Home > Uncategorized > Creating an urban village on Bellaire edge

Creating an urban village on Bellaire edge

November 4, 2011 Leave a comment Go to comments

Plans for transforming a nondescript warehouse district on Bellaire’s north side into a more inviting “urban village” are proceeding apace.

On Monday, Bellaire City Council heard from members of the city’s Planning & Zoning Commission and an outside consultant hired early this year to help draft zoning ordinance changes for the 29-acre site near the intersection of the Southwest Freeway and Loop 610.

The commission has been meeting with Gary Mitchell of Kendig Keast in a series of workshop discussions. The product of those discussions, which included public input, is a 24-page draft ordinance which Mitchell and the commissioners discussed in detail Monday.

Several questions remain about the evolution of the district. The biggest is whether the district — with the official designation of “Urban Village-Transit,” will in fact include a station of Metro’s proposed University Line.

Metro officials have said in recent months they fully intend to construct the line, which would connect the Houston area’s southwest region to the burgeoning light-rail system. But they’ve also said they are unsure when they will receive federal funding for half of the line’s estimated $1/5 billion cost.

But as they’ve said in the past, Bellaire officials plan to proceed with their plans to redevelop the area regardless of Metro’s plans.

Another big question is what will become of an adjacent, undeveloped block of property within the Houston city limits. Right now, signs indicate that its owner, the Midway Companies, plan to build some kind of multi-family housing.

But City Manager Bernie Satterwhite said he believes the owners are now merely interested in selling the 34-acre property. Efforts to reach a Midway representative were unsuccessful Tuesday.

As Mitchell reiterated in his presentation, the concept is to make the Bellaire area very “urban” in character, a significant difference from the city’s historically very suburban residential neighborhoods. The idea behind the proposed ordinance changes is to create an environment attractive to developers but with restrictions. The emphasis is on mixed-use development, with projects that combine residential and commercial aspects.

As models for the kind of developments envisioned, Mitchell cited Sugar Land Town Center, the City Centre development in Houston’s Town & Country area, and Town Center in The Woodlands.

In his presentation, Mitchell went methodically went through the draft ordinance, including such subjects as permitted uses for the district, prohibited uses, design standards and parking ratios.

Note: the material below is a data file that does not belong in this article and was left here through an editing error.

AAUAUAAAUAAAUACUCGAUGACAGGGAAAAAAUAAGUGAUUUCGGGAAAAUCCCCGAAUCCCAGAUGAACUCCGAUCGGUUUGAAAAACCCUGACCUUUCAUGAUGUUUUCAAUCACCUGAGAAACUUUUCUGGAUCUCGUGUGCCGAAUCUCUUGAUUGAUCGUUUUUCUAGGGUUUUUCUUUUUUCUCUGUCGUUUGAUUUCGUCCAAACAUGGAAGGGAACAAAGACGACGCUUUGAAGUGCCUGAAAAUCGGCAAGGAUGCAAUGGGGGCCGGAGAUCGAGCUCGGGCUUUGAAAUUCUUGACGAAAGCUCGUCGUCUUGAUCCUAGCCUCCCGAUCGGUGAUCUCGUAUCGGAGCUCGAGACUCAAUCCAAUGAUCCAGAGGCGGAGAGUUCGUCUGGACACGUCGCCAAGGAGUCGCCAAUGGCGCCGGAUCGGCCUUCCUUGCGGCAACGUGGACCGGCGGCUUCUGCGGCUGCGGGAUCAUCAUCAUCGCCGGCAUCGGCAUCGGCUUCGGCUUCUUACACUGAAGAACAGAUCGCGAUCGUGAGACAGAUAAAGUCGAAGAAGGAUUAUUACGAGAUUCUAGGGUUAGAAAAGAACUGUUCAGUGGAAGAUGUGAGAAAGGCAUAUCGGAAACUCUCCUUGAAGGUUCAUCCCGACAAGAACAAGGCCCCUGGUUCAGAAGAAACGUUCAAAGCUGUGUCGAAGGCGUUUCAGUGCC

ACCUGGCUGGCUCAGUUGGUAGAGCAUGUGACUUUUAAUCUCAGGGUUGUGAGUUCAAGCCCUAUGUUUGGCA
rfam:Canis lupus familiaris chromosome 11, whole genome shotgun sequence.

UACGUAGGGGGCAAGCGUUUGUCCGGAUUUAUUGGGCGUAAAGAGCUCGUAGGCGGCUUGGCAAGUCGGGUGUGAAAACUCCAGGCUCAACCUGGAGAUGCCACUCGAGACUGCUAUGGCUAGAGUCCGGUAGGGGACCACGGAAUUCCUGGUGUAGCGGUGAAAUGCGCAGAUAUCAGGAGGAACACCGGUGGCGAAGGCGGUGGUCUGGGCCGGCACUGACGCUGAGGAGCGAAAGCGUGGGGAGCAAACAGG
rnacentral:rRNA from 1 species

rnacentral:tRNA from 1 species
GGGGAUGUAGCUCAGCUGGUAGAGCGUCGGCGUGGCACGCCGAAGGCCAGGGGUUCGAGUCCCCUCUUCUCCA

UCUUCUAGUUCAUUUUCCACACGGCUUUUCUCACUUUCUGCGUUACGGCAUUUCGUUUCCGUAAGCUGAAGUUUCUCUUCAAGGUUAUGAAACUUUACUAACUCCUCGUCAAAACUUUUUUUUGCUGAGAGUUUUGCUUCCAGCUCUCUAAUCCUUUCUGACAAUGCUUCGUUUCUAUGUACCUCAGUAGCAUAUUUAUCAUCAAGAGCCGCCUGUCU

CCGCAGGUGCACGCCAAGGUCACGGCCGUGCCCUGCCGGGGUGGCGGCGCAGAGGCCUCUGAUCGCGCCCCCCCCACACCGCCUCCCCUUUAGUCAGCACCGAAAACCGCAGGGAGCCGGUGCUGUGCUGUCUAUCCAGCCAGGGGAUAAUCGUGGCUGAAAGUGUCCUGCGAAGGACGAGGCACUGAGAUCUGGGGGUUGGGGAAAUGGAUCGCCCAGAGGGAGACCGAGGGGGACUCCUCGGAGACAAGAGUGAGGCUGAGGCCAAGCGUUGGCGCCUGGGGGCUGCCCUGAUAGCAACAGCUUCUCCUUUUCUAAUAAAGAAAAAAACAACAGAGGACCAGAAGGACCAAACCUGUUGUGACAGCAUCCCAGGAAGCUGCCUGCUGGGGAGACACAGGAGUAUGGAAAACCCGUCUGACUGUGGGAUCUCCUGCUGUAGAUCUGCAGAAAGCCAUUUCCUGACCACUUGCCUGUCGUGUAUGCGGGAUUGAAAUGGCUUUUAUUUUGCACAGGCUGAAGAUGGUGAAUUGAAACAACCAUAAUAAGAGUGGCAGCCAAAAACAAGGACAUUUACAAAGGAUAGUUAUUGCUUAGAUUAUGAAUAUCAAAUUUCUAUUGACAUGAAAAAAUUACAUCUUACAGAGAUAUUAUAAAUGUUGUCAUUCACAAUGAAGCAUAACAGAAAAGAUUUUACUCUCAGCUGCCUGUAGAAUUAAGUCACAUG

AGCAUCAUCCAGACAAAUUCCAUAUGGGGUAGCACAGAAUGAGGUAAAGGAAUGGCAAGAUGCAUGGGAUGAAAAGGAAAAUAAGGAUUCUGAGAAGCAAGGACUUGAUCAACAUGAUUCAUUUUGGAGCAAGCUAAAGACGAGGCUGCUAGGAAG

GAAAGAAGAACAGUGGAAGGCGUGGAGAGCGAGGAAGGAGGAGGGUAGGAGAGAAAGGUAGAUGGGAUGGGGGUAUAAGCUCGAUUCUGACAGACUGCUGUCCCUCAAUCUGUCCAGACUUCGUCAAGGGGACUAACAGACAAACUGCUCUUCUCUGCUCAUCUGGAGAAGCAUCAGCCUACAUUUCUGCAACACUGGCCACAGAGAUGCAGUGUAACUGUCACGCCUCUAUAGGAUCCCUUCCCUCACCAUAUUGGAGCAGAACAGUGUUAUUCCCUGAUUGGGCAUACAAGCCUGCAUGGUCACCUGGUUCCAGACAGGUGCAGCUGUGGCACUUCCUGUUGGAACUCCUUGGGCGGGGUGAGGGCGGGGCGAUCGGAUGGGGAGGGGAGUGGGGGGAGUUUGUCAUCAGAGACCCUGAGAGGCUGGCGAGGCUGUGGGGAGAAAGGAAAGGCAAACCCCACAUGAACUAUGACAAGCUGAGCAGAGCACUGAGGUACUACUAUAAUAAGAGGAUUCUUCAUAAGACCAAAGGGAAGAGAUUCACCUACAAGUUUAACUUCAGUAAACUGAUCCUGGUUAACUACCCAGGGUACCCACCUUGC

Right off the bat, Council members began peppering Mitchell and the commissioners with questions about provisions of the draft.

Mayor Cindy Siegel, for instance, wondered why the group had decided against single-family dwellings such as brownstone-type townhomes. Instead, the draft calls for only multi-family housing. Mitchell responded that townhomes would detract from the hoped-for “urban” character of the district.

Councilman Jim Avioli made sure to get some clarity on some of the permitted and prohibited uses. For instance, he wanted to make sure that “private clubs,” a permitted use, wouldn’t include something like strip clubs. Satterwhite and community development director John McDonald assured him that private clubs, which are already permitted within the city, refer to fraternal organizations and the like.

Some of the most focused questioning was about parking requirements. Mitchell explained that the draft calls for developers to provide a ratio of parking that would lead to the kind of urban-type development imagined for the area.

Depending on the kind of uses developers would plan to build, incentives are built into the draft to make it more amenable, Mitchell said. That, in turn, would determine how vertical or horizontal a project would be. There would also be incentives for developers to enter into a “shared” parking arrangement.

Councilman Andrew Friedberg, who asked the most pointed questions about parking, wondered if the the city itself might play a part in financing a large parking structure that could serve the entire district, similar to the Rice Village Arcade.

Mitchell said that just such a “public-private partnership” has been used in similar developments around the country.

Siegel and Councilwoman Mandy Nathan cited in particular the so-called Ashby Tower, the proposed high-rise apartment on Bissonnet Street in Houston, as the kind of development that would not be desired.

Siegel stressed that when public hearings are held on the draft ordinance, residents of the neighborhood just to the south of the district in particular would want to see visual representations of what the development might look like, not just the 26-page draft ordinance.

“Visuals can go a long way,” Siegel said as the workshop came to a close. “They may, or may not, alleviate any concerns residents may have. You don’t want it to be a shock (to residents).”

The draft ordinance will now go back to the planning commission for further tweaking based on the comments from Council. Once that’s done, public hearings will be held before the draft comes back to council for a vote.

reprint from YourBellaireNews.com     by Ken Fountain

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